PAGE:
The Harm of Taking Illegal Substances While Pregnant

While alcohol and tobacco use may get an outsized share of attention when it comes to “pregnancy don’ts”, illegal substances are also a huge risk to the fetus. It is imperative that expectant mothers understand the dangers of such behavior as the number of drug-addicted babies at birth are increasing.

The number of drug-addicted babies born in the United States has quadrupled over the last decade, thanks in large part to the country’s heroin epidemic. In 2004, just 7 out of every 1,000 babies were born with a narcotic dependency. Less than 10 years later, in 2013, that figure jumped to 27 out of every 1,000 babies.

It is also taking a longer time to wean babies off of their narcotic addiction, resulting in babies typically spending their first 19 days of existence in intense rehabilitation treatment. Naturally, these babies often suffer from a host of developmental problems. Some of these issues include:

Low Birth Weight
Premature Labor
Placental Abruption
Fetal Death

This assumes that the baby is even born at all. Miscarriages are a common result of using narcotics and other drugs during pregnancy. The exact health risks to both the mother and fetus depend on whether the substance in question is heroin, cocaine, PCP, LSD, methamphetamine, marijuana or some other drug. The one common thread between using any of these drugs is the fact that these substances significantly increase the health risk to the fetus.

Some of these drugs even increase the risk of maternal death as well, particularly the known narcotic killers such as heroin. If you are pregnant while addicted to drugs, it is critically important that you receive the help you need. If this situation applies to you, take action and locate a local treatment center by calling the National Drug Help Hotline at 1-800-662-4357 or the National Alcohol and Drug Dependence Hopeline at 1-800-622-2255.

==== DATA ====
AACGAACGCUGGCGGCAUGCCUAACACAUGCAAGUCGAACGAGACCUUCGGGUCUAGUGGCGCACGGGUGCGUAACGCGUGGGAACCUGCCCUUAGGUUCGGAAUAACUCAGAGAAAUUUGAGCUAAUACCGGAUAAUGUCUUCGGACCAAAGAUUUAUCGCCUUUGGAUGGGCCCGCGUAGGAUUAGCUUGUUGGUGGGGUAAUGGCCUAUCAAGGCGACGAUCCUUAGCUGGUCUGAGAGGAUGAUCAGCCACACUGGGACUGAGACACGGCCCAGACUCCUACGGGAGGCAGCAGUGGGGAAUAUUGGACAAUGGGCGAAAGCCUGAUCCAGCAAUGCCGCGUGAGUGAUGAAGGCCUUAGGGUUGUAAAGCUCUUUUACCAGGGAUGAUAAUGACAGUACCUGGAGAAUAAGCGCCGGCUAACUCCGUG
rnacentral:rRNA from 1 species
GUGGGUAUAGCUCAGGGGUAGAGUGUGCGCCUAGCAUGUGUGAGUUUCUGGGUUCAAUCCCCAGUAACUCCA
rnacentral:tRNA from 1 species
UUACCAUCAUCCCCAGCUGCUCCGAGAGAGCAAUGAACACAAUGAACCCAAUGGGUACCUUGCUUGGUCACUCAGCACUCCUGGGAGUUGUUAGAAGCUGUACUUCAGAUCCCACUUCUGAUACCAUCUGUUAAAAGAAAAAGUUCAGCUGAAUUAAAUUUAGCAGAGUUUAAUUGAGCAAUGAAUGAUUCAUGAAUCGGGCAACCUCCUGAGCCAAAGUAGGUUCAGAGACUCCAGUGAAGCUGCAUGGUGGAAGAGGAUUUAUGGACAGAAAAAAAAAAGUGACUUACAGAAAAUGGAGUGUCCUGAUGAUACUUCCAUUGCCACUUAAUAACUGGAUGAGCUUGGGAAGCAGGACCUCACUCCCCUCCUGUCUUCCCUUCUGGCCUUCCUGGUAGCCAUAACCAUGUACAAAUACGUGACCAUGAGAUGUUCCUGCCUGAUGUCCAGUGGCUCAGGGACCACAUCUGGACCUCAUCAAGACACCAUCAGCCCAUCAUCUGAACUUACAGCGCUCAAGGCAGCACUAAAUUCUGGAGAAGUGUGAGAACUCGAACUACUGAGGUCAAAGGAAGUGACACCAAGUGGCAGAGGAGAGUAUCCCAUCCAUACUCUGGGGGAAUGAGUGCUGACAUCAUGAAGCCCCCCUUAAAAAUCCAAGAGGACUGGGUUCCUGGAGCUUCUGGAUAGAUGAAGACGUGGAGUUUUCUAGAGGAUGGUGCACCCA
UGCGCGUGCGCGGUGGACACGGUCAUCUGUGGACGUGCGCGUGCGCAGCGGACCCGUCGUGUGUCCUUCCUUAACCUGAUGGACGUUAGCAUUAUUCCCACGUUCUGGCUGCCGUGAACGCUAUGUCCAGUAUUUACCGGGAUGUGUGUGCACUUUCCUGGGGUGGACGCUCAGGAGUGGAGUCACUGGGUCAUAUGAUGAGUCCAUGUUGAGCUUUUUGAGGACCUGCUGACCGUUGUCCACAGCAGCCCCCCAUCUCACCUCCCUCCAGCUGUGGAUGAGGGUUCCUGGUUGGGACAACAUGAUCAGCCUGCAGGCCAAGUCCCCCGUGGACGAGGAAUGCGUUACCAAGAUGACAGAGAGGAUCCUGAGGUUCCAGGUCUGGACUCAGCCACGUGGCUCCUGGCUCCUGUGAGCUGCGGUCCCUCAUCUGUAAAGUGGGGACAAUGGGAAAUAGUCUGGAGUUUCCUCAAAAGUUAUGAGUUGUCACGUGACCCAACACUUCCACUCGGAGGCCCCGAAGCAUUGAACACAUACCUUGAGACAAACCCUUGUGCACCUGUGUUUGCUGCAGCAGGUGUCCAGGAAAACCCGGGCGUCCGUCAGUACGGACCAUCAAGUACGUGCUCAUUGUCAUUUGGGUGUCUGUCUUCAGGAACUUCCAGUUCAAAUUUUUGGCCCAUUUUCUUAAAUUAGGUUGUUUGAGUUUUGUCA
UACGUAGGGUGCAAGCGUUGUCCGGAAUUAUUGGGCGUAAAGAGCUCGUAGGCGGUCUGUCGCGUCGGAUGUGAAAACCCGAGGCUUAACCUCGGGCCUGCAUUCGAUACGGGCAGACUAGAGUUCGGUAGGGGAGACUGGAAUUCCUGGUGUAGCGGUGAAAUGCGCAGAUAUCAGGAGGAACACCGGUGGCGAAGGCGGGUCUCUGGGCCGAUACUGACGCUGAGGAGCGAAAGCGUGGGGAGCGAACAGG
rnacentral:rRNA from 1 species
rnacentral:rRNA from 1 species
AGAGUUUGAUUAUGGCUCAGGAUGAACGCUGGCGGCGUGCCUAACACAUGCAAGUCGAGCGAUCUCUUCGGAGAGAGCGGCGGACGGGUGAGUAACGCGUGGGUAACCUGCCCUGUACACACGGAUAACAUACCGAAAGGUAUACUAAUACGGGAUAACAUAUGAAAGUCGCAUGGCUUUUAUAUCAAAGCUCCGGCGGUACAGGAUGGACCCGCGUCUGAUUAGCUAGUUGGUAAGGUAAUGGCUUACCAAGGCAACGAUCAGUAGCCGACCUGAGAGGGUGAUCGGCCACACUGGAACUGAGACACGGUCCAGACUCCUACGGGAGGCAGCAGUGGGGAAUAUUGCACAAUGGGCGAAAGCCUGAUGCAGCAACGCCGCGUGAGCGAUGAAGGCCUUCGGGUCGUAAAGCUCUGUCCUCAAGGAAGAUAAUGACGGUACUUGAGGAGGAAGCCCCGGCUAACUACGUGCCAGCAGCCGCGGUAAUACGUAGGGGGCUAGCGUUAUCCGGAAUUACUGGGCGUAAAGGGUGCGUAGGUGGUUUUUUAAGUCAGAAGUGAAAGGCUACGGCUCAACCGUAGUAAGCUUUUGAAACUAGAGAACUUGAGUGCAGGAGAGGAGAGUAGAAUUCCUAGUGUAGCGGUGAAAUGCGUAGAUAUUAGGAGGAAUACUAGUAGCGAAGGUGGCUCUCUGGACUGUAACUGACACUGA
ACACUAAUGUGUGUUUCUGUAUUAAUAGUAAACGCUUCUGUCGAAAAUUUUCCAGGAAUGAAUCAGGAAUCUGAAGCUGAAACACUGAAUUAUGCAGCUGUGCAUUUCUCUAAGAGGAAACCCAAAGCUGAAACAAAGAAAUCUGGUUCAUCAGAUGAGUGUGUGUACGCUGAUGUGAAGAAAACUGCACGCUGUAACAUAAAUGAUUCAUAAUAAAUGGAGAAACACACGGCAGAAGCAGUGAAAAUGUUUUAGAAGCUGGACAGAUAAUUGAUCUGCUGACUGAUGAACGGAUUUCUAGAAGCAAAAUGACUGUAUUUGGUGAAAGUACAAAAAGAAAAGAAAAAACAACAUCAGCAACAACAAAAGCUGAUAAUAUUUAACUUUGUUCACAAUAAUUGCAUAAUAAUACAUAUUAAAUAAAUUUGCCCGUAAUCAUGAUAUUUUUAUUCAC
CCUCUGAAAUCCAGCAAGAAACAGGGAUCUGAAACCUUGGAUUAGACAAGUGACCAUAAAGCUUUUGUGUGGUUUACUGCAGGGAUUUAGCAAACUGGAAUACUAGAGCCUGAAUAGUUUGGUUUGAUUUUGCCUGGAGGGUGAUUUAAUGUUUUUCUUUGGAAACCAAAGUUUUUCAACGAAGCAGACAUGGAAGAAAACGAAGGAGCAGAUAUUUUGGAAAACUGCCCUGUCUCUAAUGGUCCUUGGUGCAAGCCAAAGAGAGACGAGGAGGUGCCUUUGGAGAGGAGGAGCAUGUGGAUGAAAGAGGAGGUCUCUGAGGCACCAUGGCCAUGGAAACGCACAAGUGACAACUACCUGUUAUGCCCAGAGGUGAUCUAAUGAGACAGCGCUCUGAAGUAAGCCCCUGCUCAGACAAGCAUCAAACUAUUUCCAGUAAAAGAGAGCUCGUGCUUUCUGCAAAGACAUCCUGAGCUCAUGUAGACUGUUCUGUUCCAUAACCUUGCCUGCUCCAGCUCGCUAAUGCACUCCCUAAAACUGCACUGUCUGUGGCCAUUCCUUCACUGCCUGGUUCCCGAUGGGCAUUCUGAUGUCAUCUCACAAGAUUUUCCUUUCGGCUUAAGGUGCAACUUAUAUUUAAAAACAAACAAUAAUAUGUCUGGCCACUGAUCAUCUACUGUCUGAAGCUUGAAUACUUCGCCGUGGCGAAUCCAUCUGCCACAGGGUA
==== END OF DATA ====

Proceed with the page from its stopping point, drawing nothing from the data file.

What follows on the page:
Additional Toxic Chemicals and Substances to Avoid When Pregnant

If you were already aware of the dangers of drinking, smoking and taking illegal substances, what you may not know is the fact that other toxic substances can pose a pregnancy risk.

For example, if you enjoy eating tuna or other fish with high mercury levels, this could pose a risk to the fetus. While fish is ordinarily a high-protein and low-fat food choice, the risks of fish with high mercury levels are too great. For this reason, the FDA advises pregnant mothers to avoid fish with high levels of mercury since it may harm the brain and nervous system of a fetus.

A few of the fish known to have high levels of mercury include:

Tuna
Shark
Swordfish
King Mackerel
Tilefish

Not only should you try to avoid these fish during pregnancy, but it is also ideal to avoid consuming these fish during the breastfeeding phase. The aforementioned fish can contain enough mercury to harm a baby’s motor skills and nervous system if mercury is present in breast milk.

Additionally, try to steer clear of purchasing products containing phthalates. These substances are designed to increase plasticity and durability in a wide range of items. Some of those items include:

Cosmetics
Food Packaging
Children’s Toys
Paint
Detergents
Personal Care Products

Phthalates have been shown as potential links to breast cancer, and fetuses may suffer from increased sterility risk. If possible, try to locate as many phthalate-free items and household products as you can to prevent these risks to yourself and the fetus.

While this list is far from exhaustive when it comes to the substances and chemicals expectant mothers should try to avoid, it is a great starting point in improving the health of yourself and your fetus.

For more information about how to keep yourself and your fetus healthy, reach out to our team at Revere Health. We look forward to providing you with the advice and care you need to make a successful transition into motherhood.

The obstetricians/gynecologists, nurse practitioners and certified nurse midwives at Revere Health OB/GYN provide a full range of healthcare services to women throughout all stages of their lives including; puberty, child-bearing years, menopause, and beyond.

This information is not intended to replace the advice of a medical professional. You should always consult your doctor before making decisions about your health.